Notifiable medical conditions
Click here to see the list of notifiable medical conditions
For additional advice regarding Eyesight and the use of Medicine and Drugs whilst Driving please visit our page on Eyesight and Medicines
Driving with Diabetes
Car drivers and motorbike riders do not need to tell DVLA if you control your diabetes by diet or tablets unless you are told to by your doctor.
If you are insulin treated – You need to tell DVLA.
You also need to tell DVLA if you have suffered any of the following:
• 2 episodes of severe hypoglycaemia (help needed from another person) within the last 12 months
• developed impaired awareness of hypoglycaemia
• visual problems
Buses and lorry drivers need to tell DVLA if you have diabetes for which you take medication or if your doctor advises you to.
If you are on insulin, you need to:
• have 3 months of continuous blood glucose readings available on a memory meter every time you apply for a licence
• test your blood glucose no more than 2 hours before the start of your first journey and every 2 hours through the day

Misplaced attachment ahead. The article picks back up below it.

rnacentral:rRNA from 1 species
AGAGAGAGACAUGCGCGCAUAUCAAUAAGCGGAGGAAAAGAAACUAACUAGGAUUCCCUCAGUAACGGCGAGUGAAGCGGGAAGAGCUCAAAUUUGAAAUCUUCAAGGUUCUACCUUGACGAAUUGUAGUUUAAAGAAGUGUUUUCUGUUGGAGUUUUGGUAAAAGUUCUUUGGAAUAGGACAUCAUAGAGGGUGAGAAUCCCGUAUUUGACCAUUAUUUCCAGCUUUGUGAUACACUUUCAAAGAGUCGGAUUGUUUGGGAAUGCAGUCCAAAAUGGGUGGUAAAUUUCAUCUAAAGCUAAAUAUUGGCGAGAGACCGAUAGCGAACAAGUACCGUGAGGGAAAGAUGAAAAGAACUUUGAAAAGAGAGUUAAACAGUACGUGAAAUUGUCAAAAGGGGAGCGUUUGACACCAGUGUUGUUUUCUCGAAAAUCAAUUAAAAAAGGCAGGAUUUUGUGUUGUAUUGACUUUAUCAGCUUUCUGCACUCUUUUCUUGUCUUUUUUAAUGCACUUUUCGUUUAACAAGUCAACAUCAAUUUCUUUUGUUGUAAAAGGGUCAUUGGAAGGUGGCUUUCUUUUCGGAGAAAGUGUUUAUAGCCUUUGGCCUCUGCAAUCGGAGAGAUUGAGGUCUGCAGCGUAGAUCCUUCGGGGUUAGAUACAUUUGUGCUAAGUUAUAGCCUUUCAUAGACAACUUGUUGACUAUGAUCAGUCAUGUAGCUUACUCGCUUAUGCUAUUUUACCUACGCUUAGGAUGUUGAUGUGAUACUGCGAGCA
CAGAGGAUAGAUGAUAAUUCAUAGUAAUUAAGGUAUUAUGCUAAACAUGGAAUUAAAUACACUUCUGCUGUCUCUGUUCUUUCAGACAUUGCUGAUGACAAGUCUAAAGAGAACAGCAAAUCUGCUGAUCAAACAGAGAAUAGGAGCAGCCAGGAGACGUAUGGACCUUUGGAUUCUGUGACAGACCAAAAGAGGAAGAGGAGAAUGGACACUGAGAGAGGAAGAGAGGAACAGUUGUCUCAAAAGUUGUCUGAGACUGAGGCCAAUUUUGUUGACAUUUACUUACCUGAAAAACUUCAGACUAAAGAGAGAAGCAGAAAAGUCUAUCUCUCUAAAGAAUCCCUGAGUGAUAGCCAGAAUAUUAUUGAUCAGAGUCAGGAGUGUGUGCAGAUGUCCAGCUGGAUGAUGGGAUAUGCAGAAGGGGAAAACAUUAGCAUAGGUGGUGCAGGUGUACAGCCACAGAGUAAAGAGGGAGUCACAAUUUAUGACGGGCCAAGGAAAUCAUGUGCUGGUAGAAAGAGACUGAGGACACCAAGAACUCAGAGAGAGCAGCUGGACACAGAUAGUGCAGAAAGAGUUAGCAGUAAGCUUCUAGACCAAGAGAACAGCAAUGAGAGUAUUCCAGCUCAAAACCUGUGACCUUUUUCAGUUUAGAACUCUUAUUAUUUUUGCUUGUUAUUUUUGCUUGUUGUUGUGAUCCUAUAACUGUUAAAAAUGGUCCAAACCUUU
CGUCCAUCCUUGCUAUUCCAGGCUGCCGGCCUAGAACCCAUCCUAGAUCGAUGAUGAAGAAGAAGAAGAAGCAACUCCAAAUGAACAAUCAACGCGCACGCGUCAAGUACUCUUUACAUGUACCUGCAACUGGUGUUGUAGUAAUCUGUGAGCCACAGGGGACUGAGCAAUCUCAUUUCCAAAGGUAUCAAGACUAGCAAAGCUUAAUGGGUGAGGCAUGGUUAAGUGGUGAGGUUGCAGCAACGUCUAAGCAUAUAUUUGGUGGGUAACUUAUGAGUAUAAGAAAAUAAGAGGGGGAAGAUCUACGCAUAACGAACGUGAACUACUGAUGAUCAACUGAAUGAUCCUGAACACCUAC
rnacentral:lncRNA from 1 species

You will also need to test your blood glucose and record your readings at least twice a day even when not driving.
Below is a video which gives some guidance
Driving with Dementia
A diagnosis of dementia is not in itself a reason to stop driving. One in every three people with dementia still drives. What matters, from both a legal and a practical point of view, is whether the person is still able to drive safely.
To find out more about this click here for more information from the Alzheimers Society.
Below is an article written by Dr James McKillop who was diagnosed with dementia and his story. Click here to read the article
Dr McKillop realised he was no longer safe to drive on the road, however he still wanted to have a chance to drive again which he did with an instructor on a private track.